Sextival Festival

Condom demonstrations were part of the Sextival

The Sextival, a sexual health and education festival, took place at the North Dakota State Wellness Center Wednesday, Feb. 27.

The festival included booths that ranged in content from drinking responsibly to how to insert an internal condom, and several booths offered free condoms, both internal and external, and lubrication products.

Also offered at the event was free testing for sexually transmitted infections (STI), sometimes referred to as sexually transmitted diseases (STD).

Though this was the first time the event has taken place, Emily Hegg, assistant director of Health Promotion for Student Health Service, said it’s an important event, and it lined up nicely with the timing being before spring break.

Hegg suggested that if someone is sexually active, they should be tested for STIs every six months, though there’s no problem with being tested more regularly. “The more you get tested, the safer you are,” Hegg said.

She also talked about a program she’s been working on called “Junk Mail,” which will be coming out soon.

Junk Mail is a grant-funded program that aims to educate students on safe sex practices by mailing them a box with information about safe sex resources and safe sex supplies every month — free of charge to the student. To receive Junk Mail, a student must request the service.

The event also offered alcohol pour demonstrations instructed by Kim Heazlett, SHS Health Promotion coordinator, in an effort to educate students on how much they’re really drinking.

Heazlett encouraged students to measure their drinks, noting that when we free pour, “We don’t know how much alcohol is in our drinks.”

She also advocated for having a sober friend there with you to ensure you get home safely.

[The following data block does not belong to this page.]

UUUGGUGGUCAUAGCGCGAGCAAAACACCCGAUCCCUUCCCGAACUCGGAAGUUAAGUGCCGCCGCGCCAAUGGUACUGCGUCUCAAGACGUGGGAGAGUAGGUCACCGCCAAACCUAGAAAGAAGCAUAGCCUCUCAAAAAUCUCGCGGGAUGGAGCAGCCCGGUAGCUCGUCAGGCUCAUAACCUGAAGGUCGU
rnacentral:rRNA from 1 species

Another boother, Christopher Wegner, passed out condoms and talked about his work with the Rural AIDS Action Network. Wegner attended the Sextival with the purpose of educating students.

Wegner talked about the organization’s education work going to junior and senior high schools in the area to decrease the stigma surrounding sex and increase awareness and education. “Sex should be enjoyable,” Wegner said.

He also noted that minority populations have “unfortunately carried the burden and stigma of disease,” citing the targeting of gay men when we talk about AIDS.

In a perfect world, Wegner said he would like to see STIs and STDs standardized to the point where people aren’t afraid to talk about them.

NDSU student McKinley Solberg, who’s studying human development and family sciences, worked at a booth at the event as a violence prevention educator, and she also works to prevent domestic abuse on campus.

“I am very passionate to make sex less taboo … to make people take better care of their sexual health,” Solberg said.

The ultimate goal for SHS is to have the Sextival take place at least once a semester, according to Hegg.

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